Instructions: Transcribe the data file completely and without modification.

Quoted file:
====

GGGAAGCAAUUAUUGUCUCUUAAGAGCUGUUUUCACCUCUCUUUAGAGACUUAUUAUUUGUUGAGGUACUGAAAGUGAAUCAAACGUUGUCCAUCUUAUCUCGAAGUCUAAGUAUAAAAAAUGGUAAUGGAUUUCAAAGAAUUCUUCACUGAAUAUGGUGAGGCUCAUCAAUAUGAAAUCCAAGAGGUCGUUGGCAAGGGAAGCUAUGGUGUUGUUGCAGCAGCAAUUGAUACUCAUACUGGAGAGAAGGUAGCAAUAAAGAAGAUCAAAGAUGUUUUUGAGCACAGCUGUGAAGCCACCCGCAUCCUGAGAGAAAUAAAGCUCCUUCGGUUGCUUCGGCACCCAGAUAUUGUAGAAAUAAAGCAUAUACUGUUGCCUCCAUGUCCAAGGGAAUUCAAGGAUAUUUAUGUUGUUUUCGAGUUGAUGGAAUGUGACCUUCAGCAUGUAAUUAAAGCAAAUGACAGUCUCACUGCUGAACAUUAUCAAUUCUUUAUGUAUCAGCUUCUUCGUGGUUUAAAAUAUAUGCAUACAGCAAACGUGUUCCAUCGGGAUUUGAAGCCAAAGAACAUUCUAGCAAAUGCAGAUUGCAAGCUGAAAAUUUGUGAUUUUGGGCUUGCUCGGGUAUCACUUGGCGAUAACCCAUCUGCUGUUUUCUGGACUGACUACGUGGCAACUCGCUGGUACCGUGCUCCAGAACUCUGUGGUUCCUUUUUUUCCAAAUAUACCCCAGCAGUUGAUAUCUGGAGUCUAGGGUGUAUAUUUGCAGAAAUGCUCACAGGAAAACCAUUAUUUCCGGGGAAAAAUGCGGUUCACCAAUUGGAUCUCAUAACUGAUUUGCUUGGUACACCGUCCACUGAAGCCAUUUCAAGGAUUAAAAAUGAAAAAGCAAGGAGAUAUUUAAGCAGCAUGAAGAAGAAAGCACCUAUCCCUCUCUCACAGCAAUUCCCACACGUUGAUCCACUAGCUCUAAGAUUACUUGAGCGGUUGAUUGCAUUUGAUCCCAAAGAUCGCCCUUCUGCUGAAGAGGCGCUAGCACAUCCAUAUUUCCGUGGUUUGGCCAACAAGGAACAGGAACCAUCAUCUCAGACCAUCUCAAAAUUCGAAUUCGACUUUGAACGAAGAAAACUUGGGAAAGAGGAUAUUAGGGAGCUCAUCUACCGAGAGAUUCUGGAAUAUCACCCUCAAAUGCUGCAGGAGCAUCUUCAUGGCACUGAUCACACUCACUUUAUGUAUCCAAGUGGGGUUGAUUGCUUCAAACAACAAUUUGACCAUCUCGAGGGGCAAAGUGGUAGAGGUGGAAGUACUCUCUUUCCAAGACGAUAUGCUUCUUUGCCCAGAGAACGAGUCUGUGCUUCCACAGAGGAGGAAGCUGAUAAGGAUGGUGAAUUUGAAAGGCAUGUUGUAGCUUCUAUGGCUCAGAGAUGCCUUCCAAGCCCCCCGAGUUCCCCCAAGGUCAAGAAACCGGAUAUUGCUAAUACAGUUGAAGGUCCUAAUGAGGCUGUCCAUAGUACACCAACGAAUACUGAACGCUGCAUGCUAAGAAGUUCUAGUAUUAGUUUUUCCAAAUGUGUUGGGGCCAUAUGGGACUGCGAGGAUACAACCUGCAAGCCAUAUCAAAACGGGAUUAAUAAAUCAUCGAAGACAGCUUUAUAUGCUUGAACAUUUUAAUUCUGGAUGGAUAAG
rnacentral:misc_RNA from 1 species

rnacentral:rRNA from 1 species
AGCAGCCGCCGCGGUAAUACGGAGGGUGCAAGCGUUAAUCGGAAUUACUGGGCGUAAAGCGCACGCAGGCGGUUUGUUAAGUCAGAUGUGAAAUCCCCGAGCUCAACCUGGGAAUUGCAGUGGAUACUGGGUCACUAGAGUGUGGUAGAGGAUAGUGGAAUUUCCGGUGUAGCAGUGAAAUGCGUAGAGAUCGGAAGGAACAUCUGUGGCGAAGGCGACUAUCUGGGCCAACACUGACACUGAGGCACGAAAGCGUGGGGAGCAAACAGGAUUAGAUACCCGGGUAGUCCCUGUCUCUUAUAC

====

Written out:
GGGAAGCAAUUAUUGUCUCUUAAGAGCUGUUUUCACCUCUCUUUAGAGACUUAUUAUUUGUUGAGGUACUGAAAGUGAAUCAAACGUUGUCCAUCUUAUCUCGAAGUCUAAGUAUAAAAAAUGGUAAUGGAUUUCAAAGAAUUCUUCACUGAAUAUGGUGAGGCUCAUCAAUAUGAAAUCCAAGAGGUCGUUGGCAAGGGAAGCUAUGGUGUUGUUGCAGCAGCAAUUGAUACUCAUACUGGAGAGAAGGUAGCAAUAAAGAAGAUCAAAGAUGUUUUUGAGCACAGCUGUGAAGCCACCCGCAUCCUGAGAGAAAUAAAGCUCCUUCGGUUGCUUCGGCACCCAGAUAUUGUAGAAAUAAAGCAUAUACUGUUGCCUCCAUGUCCAAGGGAAUUCAAGGAUAUUUAUGUUGUUUUCGAGUUGAUGGAAUGUGACCUUCAGCAUGUAAUUAAAGCAAAUGACAGUCUCACUGCUGAACAUUAUCAAUUCUUUAUGUAUCAGCUUCUUCGUGGUUUAAAAUAUAUGCAUACAGCAAACGUGUUCCAUCGGGAUUUGAAGCCAAAGAACAUUCUAGCAAAUGCAGAUUGCAAGCUGAAAAUUUGUGAUUUUGGGCUUGCUCGGGUAUCACUUGGCGAUAACCCAUCUGCUGUUUUCUGGACUGACUACGUGGCAACUCGCUGGUACCGUGCUCCAGAACUCUGUGGUUCCUUUUUUUCCAAAUAUACCCCAGCAGUUGAUAUCUGGAGUCUAGGGUGUAUAUUUGCAGAAAUGCUCACAGGAAAACCAUUAUUUCCGGGGAAAAAUGCGGUUCACCAAUUGGAUCUCAUAACUGAUUUGCUUGGUACACCGUCCACUGAAGCCAUUUCAAGGAUUAAAAAUGAAAAAGCAAGGAGAUAUUUAAGCAGCAUGAAGAAGAAAGCACCUAUCCCUCUCUCACAGCAAUUCCCACACGUUGAUCCACUAGCUCUAAGAUUACUUGAGCGGUUGAUUGCAUUUGAUCCCAAAGAUCGCCCUUCUGCUGAAGAGGCGCUAGCACAUCCAUAUUUCCGUGGUUUGGCCAACAAGGAACAGGAACCAUCAUCUCAGACCAUCUCAAAAUUCGAAUUCGACUUUGAACGAAGAAAACUUGGGAAAGAGGAUAUUAGGGAGCUCAUCUACCGAGAGAUUCUGGAAUAUCACCCUCAAAUGCUGCAGGAGCAUCUUCAUGGCACUGAUCACACUCACUUUAUGUAUCCAAGUGGGGUUGAUUGCUUCAAACAACAAUUUGACCAUCUCGAGGGGCAAAGUGGUAGAGGUGGAAGUACUCUCUUUCCAAGACGAUAUGCUUCUUUGCCCAGAGAACGAGUCUGUGCUUCCACAGAGGAGGAAGCUGAUAAGGAUGGUGAAUUUGAAAGGCAUGUUGUAGCUUCUAUGGCUCAGAGAUGCCUUCCAAGCCCCCCGAGUUCCCCCAAGGUCAAGAAACCGGAUAUUGCUAAUACAGUUGAAGGUCCUAAUGAGGCUGUCCAUAGUACACCAACGAAUACUGAACGCUGCAUGCUAAGAAGUUCUAGUAUUAGUUUUUCCAAAUGUGUUGGGGCCAUAUGGGACUGCGAGGAUACAACCUGCAAGCCAUAUCAAAACGGGAUUAAUAAAUCAUCGAAGACAGCUUUAUAUGCUUGAACAUUUUAAUUCUGGAUGGAUAAG
rnacentral:misc_RNA from 1 species

rnacentral:rRNA from 1 species
AGCAGCCGCCGCGGUAAUACGGAGGGUGCAAGCGUUAAUCGGAAUUACUGGGCGUAAAGCGCACGCAGGCGGUUUGUUAAGUCAGAUGUGAAAUCCCCGAGCUCAACCUGGGAAUUGCAGUGGAUACUGGGUCACUAGAGUGUGGUAGAGGAUAGUGGAAUUUCCGGUGUAGCAGUGAAAUGCGUAGAGAUCGGAAGGAACAUCUGUGGCGAAGGCGACUAUCUGGGCCAACACUGACACUGAGGCACGAAAGCGUGGGGAGCAAACAGGAUUAGAUACCCGGGUAGUCCCUGUCUCUUAUAC